However, there are so many other variables it is probably impossible to nail down precisely This is just my opinion but I suspect that if the 8 year-old woke up tomorrow morning with a little brother, or a twin, or two older sisters, etc, her personality would change to reflect her new situation while still retaining the BASIC personality she was born with. anyways, be happy if she is outgoing and sociable. It can be and frequently is a sign of health (Most severly abused kids are not out-going and are very fearful of stangers)

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Thanks everyone. I do wish things were simple with my eldest, but her behaviors have been problematic. Her basic temperament is mine...all of the same difficulties, though I think more extreme. Some teachers and my therapist (whom she saw for a while, but never spoke to) suspected PDD-NOS or Aspergers. I really do not think so. I think more along the lines of something like selective mutism. Either way, what matters is helping her to find her way. She seems less affected by the struggle, though her not having a problem with it lends more to her dependency on me. She tells me kids will come up to her and poke her and ask her if she'll talk...as if her talking was some kind of an event. She seems to shrug this type of stuff off. My problem is feeling so protective of her, which I know is not at all helpful to her. It comes so naturally to me that I have to be extremely aware of my behaviors in order to turn them down.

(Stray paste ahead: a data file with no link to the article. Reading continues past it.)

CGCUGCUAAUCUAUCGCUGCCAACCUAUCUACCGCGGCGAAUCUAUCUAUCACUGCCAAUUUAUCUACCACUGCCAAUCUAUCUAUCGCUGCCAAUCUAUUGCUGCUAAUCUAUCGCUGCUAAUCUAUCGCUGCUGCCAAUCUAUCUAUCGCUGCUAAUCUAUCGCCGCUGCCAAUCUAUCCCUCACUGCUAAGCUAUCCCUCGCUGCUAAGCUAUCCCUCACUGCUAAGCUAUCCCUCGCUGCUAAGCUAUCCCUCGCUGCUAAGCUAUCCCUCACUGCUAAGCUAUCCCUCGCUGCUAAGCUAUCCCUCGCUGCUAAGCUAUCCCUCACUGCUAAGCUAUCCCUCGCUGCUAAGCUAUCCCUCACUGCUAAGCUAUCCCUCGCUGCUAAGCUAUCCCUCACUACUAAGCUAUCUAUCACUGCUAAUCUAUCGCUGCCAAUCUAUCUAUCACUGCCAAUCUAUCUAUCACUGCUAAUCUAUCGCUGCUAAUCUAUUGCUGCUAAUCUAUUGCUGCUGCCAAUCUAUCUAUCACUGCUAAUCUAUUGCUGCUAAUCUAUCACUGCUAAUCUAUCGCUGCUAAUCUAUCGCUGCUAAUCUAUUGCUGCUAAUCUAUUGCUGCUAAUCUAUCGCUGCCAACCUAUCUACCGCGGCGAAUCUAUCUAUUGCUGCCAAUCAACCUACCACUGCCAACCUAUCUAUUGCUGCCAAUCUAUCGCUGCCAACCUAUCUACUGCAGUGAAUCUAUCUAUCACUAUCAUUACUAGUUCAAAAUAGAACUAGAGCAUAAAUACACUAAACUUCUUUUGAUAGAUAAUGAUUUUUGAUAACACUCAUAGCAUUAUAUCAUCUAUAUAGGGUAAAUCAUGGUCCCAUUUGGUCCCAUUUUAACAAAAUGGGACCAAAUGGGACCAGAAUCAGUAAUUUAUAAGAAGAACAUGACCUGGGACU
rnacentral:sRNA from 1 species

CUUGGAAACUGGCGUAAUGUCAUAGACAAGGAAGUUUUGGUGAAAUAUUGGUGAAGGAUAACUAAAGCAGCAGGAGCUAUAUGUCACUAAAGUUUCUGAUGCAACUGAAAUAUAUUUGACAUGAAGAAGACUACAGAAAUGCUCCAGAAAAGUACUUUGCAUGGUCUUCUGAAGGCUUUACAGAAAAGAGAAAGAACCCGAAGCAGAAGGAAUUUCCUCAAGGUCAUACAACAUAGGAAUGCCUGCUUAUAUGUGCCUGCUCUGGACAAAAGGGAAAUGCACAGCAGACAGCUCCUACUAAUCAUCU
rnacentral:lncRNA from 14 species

I admit it is sometimes very awkward for me to have such an extroverted child as well. I think A is doing me much good, though, because she forces me to challenge myself all of the time.